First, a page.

Oh well, maybe that’s because the ISS didn’t get around to installing their micro brewery. Messy stuff, you know. Too bad the shuttle program was canceled. A booze powered space station would have been something to see!

Oh yes… moonshine indeed.

@17. The ISS and the space shuttle rely on ‘on the ground’ resources for all maintenance and supply needs. All of these functions will will need to be performed on any spacecraft that functions far from port. Of course, if this futuristic star ship has no moving parts, nothing wears out, needs to be cleaned, and none of the crew members eat, drink, piss or s***, then yeah I’d expect it to not get dirty or be maintained, either.


That still doesn’t explain why the new Enterprise looks like a 19th century steamer ship. I’m not saying it has to be super clean like they’re making microchips down there, but the whole gritty, industrial bowels thing is a bit much. If they’re capable of matter-antimatter propulsion and energy matter transport, I think they can afford to hire an interior decorator. Maybe a few rugs and end tables to pull the room together. And a potted plant or two wouldn’t hurt.

Seriously though, as history has proven, the further technology develops the cleaner, simpler, and (usually) smaller designs get. The “pipes look” just didn’t work, and I’m glad to hear Scott Chambliss got the message.

The “engineering” section that we were shown on the JJ/Scott Chambliss Enterprise was not dirty. In fact, it was very clean. The fact that what was actually filmed was a modern brewery where certain hygiene standards had to be maintained – (they were producing products (beer) for human consumption), meant that it was a clean and tidy operation.

It was dark. It was dank. It was a brewery. It was a water treatment plant.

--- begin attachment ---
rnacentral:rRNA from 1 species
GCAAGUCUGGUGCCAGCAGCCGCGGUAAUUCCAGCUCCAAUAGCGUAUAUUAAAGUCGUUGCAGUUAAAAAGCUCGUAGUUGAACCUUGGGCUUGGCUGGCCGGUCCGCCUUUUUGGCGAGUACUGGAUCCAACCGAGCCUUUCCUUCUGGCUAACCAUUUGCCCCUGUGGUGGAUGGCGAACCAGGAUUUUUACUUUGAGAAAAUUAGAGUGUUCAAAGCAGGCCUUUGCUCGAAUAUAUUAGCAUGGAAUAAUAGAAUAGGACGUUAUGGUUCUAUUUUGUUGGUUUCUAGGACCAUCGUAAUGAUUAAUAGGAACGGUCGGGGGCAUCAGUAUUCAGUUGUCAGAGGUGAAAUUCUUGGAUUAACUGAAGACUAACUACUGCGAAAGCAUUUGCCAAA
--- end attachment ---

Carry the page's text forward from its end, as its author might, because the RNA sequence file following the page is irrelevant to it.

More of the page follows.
It was everything but good design.

But I can’t blame the filmmakers too much. They probably spent most of their budget on hair gel and lens flares… so I’ll choose to enjoy the engineering decks in a nice, ‘Plan 9’ sort of way.

@21. Okay, you need to move water from one end of the ship to another. Why is a pipe going to look any different in the 23rd century then it will now?


I don’t know. Why does the engine room of a ship look different today than it did a couple hundred years ago? Progress, I guess.

But you make some good points, Phil. I hope the sequel focuses on nothing but plumbing. Abrams just may be onto something with this….

Well, a couple hundred years ago the engine room was a sail. :-) Regardless, they look different because most (Navy) ships have reactors instead of boilers. I just find it hard to believe that a 23rd century engineers job description should consist of swapping platic chips to unclog a pipe.
Okay, here’s the title….Star Trek 12 – Space Drains

Ah, yes. Plumbing. Then there are the toilets. The question of where does a captain take a piss has never been properly answered…:)


I don’t believe I ever saw Geordi or Data—or the original Scotty for that matter—swapping microchips to solve a sewage problem. They seemed to have bigger issues—like keeping that big blue glowing thing-a-ma-bob from ‘sploding.


Yeah, but the scene featuring Kirk using the toilet as a seat in “The Final Frontier” gave us a good idea as to how Shatner came up with the story!

Also, on the issue of pipes, the TOS, refit, Enterprise A and E-E all had pipes, as did the Defiant from DS9. But they were in the background, noticeable but not distracting like the brewery was in the new “Star Trek” movie.

Why would the need pipes to move water when ToS replicators were more than capable of replicating that liquid on demand when needed?


There were no replicators on the TOS Enterprise, and even if there were, physical back-up sources, such as pipes and tanks, might be needed in an emergency when power might be too low or gone altogether. Water is just too important to depend solely on replicators for.

@28 The idea of replicators gets leaned on way to heavily in Trek lore anyway. Because physics tells us you cannot create something from nothing, for a replicator to work you would need some sort ot inert matter to be injected into the replicator to create water, food, spare parts, or whatever. It’s also not very efficient to have devices that (apparently) require a fair amount of energy to deliver the most basic staples of life. Last thought, when that replicated water gets turned into grey water by the biological unit, it’s gotta go somewhere, right?